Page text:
Is this 9th-level spell Find Greatest Steed balanced with respect to other 9th-level spells?


Since the paladin gets the spells find steed and find greater steed, it only seemed natural to take this theme to its logical end: find greatest steed:

FIND GREATEST STEED
9th-level conjuration

Casting Time: 10 minutes
Range: 30 feet
Components: V, S
Duration: Instantaneous

You summon a spirit that assumes the form of the loyalest, majestic-est mount. Appearing in an unoccupied space within range, the spirit takes on a form you choose: a unicorn, a bulette, a felidar, or a nightmare. The creature has the statistics provided in the appropriate statblock for the chosen form, though it is a celestial, a fey, or a fiend (your choice) instead of its normal creature type. Additionally, if it has an Intelligence score of 7 or lower, its Intelligence becomes 8, and it gains the ability to understand one language of your choice that you speak.

You control the mount in combat. While the mount is within 1 mile of you, you can communicate with it telepathically. While mounted on it, you can make any spell you cast that targets only you also target the mount.

The mount disappears temporarily when it drops to 0 hit points or when you dismiss it as an action. Casting this spell again re-summons the bonded mount, with all its hit points restored and any conditions removed.

You can’t have more than one mount bonded by this spell or find steed at the same time. As an action, you can release a mount from its bond, causing it to disappear permanently.

Whenever the mount disappears, it leaves behind any objects it was wearing or carrying.

A mount summoned with this spell cannot take legendary actions. If it normally would have legendary actions, on its turn, it can use its action to take one of its legendary actions.

A paladin can cast this spell consuming two 5th-level spell slots, instead of one 9th-level spell slot.

This spell would appear only on the Paladin spell list, and could be prepared and cast by a paladin once the paladin was 19th-level. Additionally, this spell would be available to an 18th level Bard via magical secrets. I think this spell only being available to 18th level and higher characters is going to be enough to balance it. Compared to true polymorph, the effects here actually seem pretty modest for a 9th level spell; and for the paladin, casting is always going to be limited to once per long rest, as it uses up all of their highest level spell slots.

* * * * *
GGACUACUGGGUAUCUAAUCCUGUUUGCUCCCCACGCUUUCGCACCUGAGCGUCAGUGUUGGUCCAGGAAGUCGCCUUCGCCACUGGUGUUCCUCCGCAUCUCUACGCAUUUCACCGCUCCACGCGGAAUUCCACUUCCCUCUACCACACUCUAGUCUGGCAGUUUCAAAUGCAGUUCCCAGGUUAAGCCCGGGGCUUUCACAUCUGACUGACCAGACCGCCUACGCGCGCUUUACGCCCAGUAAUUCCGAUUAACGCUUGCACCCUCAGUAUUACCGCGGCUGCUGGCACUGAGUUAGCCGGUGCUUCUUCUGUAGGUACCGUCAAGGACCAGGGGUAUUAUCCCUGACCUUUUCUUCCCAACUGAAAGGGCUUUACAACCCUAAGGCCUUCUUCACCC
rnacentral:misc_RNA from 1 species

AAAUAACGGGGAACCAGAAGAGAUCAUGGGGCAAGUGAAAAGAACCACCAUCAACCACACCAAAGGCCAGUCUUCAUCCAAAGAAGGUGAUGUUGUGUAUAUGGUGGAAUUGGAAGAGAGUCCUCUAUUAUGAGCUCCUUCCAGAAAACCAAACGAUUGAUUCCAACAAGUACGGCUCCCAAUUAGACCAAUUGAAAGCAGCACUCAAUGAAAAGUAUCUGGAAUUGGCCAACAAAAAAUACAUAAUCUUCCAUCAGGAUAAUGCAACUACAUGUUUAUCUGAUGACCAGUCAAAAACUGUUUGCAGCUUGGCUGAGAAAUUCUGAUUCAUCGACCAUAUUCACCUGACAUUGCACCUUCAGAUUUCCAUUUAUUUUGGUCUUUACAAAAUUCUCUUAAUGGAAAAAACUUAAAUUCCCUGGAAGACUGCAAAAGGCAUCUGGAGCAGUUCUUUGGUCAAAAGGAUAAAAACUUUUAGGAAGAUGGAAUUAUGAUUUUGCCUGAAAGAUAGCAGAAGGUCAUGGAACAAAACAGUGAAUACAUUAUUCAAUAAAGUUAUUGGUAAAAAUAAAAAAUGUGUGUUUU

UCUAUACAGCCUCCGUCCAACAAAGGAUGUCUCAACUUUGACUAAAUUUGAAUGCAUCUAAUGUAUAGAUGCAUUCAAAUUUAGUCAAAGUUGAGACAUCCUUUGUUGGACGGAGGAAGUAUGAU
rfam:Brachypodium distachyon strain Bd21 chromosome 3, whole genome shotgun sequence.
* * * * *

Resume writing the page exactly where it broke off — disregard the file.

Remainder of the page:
The mounts I have chosen range from CR 3 to CR 5. The original 2nd-level spell find steed mounts range from CR 1/8 to CR 1/2, and the now penultimate 4th-level spell find greater steed provides mounts ranging from CR 1 to CR 2. These two spells are given a comparative analysis in this answer. This CR 3-5 range seems like an appropriate increase in power, but as with both its predecessors, some of these greatest steeds will be less greatest than others. I’ve carefully chosen four creatures for this spell, I feel that each brings something unique to the table, even though one of them seems to be a head above the rest. Speaking of which…

The Unicorn (CR 5)

If I’m being totally honest, this spell could have been called find unicorniest steed. The unicorn is easily the best mount on the list. It is not the best damage dealer, not even close, but the utility and support the unicorn provides is unparalleled by other creatures on this list. It can cast pass without trace at will, and its ability healing touch is equivalent to a 2nd-level cure wounds twice a day.

The unicorn is the only creature on the list with legendary actions. I felt that giving the unicorn unbridled access to its legendary actions was too much. Additionally, its just easier to keep track of things when I’m not keeping up with my own turn, my mount’s turn, and legendary actions for my mount on other turns. Instead, the unicorn can opt to use one of its legendary actions on its turn. In particular the unicorn’s shimmering shield ability is quite good, and allows the unicorn to excel in its support role.

The Bulette (CR 5)

This guy is the bruiser of the group. At +7 to hit for 4d12+4 damage, the bulette’s bite attack hits like a truck, and AC 17 averaging 93 hp gives him respectable staying power. The bulette really gets interesting with his movement: burrow 40 ft. If you’re nostalgic about catching your first diglet in a cave outside of Vermilion City, the bulette is for you.

The Felidar (CR 5)

The felidar packs a similar punch to the bulette with identical AC and hitpoints, but the felidar is for the more psychically minded adventurer. The felidar has the ability to form a special bond with another creature, granting these benefits:

  • The felidar can sense the direction and distance to the bonded creature if they’re on the same plane of existence.

  • As an action, the felidar or the bonded creature can sense what the other sees and hears, during which time it loses its own sight and hearing. This effect lasts until the start of its next turn.

Similar combat prowess as the bulette, but has some interesting abilities that make the felidar an excellent scout and great insurance policy if his owner gets kidnapped.

The Nightmare (CR 3)

This goth version of the pegasus features an ability that makes it better than his winged celestial brother, earning him a spot on this list. For the most part, the nightmare is identical to the pegasus, which makes him probably the weakest choice on this list. But the nightmare has one ability the earns him his place here:

Ethereal Stride. The nightmare and up to three willing creatures within 5 feet of it magically enter the Ethereal Plane from the Material Plane, or vice versa.

This guy can disappear to the ethereal plane at will. And he can bring his three closest friends. The utility of this ability is limited only by your imagination and how annoyed your DM is that your flaming horse can walk through walls.